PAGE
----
Fast and Slow Twitch                Muscle FibersSlow-twitch fibers (type I)               Fast-twitch fatigue-    • alway...
Smooth Muscle FibersCompared to skeletal muscle fibers  • shorter  • single nucleus  • elongated with tapering ends  • myo...
Types of Smooth MuscleVisceral Smooth Muscle         Multiunit Smooth Muscle   • single-unit smooth          • fibers func...
Smooth Muscle              Contraction• Resembles skeletal muscle contraction   • interaction between actin and myosin   •...
Cardiac Muscle• only in the heart• muscle fibers joined together by intercalated discs• fibers branch• network of fibers c...
Skeletal Muscle Actions• origin – immovable end• insertion – movable end• prime mover (agonist) –primarily responsible for...
Major Skeletal Muscles
Major Skeletal Muscles
Muscles of Facial  Expression
Muscles of Mastication
Muscles of Facial Expression and   Mastication
Muscles That Move the Head and Vertebral       Column
Muscles That Move the   Pectoral Girdle
Muscles That Move the         Arm
Deep Muscles of the  Back and Neck                      9-39
Muscles of theShoulder and Back
Muscles of the AnteriorChest and Abdominal Wall
Muscles That Move the      Forearm
Muscles That Move the        Hand
Muscles of theShoulder and Arm
Cross Section of the       Arm
Muscles of theShoulder and Arm
Muscles of theArm and Forearm
Muscles of theArm and Forearm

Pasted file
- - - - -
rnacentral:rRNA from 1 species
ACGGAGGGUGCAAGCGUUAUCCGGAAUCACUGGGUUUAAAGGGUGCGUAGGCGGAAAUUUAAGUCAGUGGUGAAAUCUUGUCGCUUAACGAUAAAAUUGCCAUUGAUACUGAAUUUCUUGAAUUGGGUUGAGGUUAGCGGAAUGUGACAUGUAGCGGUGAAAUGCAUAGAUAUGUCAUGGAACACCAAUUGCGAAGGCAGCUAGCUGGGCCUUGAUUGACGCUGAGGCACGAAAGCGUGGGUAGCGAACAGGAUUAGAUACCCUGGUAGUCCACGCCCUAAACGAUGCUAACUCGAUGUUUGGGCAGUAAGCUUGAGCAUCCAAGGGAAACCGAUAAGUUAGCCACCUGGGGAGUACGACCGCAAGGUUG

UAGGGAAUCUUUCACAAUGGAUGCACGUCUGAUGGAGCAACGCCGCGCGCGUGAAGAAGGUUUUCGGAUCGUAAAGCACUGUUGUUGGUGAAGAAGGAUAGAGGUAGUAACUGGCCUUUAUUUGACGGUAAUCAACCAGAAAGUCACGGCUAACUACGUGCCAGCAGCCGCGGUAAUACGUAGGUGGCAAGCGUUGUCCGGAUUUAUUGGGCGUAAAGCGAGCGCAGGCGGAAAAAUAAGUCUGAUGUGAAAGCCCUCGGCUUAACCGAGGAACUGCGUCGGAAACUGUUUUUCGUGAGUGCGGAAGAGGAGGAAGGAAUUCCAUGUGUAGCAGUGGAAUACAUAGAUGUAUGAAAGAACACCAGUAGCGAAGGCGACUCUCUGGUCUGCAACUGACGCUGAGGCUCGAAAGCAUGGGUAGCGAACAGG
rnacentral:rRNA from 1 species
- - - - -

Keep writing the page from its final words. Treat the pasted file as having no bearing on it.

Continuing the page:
Cross Section of the     Forearm
Muscles of the Abdominal          Wall
Muscles of the Abdominal          Wall
Muscles of the Pelvic       Outlet
Muscles of Pelvic Outletsand Urogenital Diaphragm                        9-53
Muscles That Move the        Thigh
Muscles That Move the         Leg
Muscles That Move the        Foot
Muscles of the Thigh and          Leg                       9-57
Muscles of the Thigh and Leg                         9-58
Muscles of the Thigh and          Leg
Cross Section of the Thigh
Muscles of the Leg
Muscles of the Leg
Muscles of the Leg                     9-63
Cross Section of the       Leg
Life-Span Changes• myoglobin, ATP, and creatinephosphate decline• by age 80, half of muscle masshas atrophied• adipose cel...
Clinical Application              Myasthenia Gravis• autoimmune disorder• receptors for acetylcholine on muscle cells are ...
Active vs. Inactive Muscle:     Muscular Atrophy
Exercise and Diet Stimulates          Muscle DevelopmentArnold Schwarzenegger – Body Builder, Actor, and Politician       ...
Chapter 9   muscular system
Chapter 9   muscular system
Chapter 9   muscular system
Chapter 9   muscular system
Chapter 9   muscular system
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Chapter 9 muscular system

  1. 1. Chapter 9 - Muscular System Three Types of Muscle TissuesSkeletal Muscle Cardiac Muscle • usually • wall of heart attached to • not under Smooth Muscle bones conscious • walls of most viscera, • under control blood vessels, skin conscious • striated • not under conscious control control • striated • not striated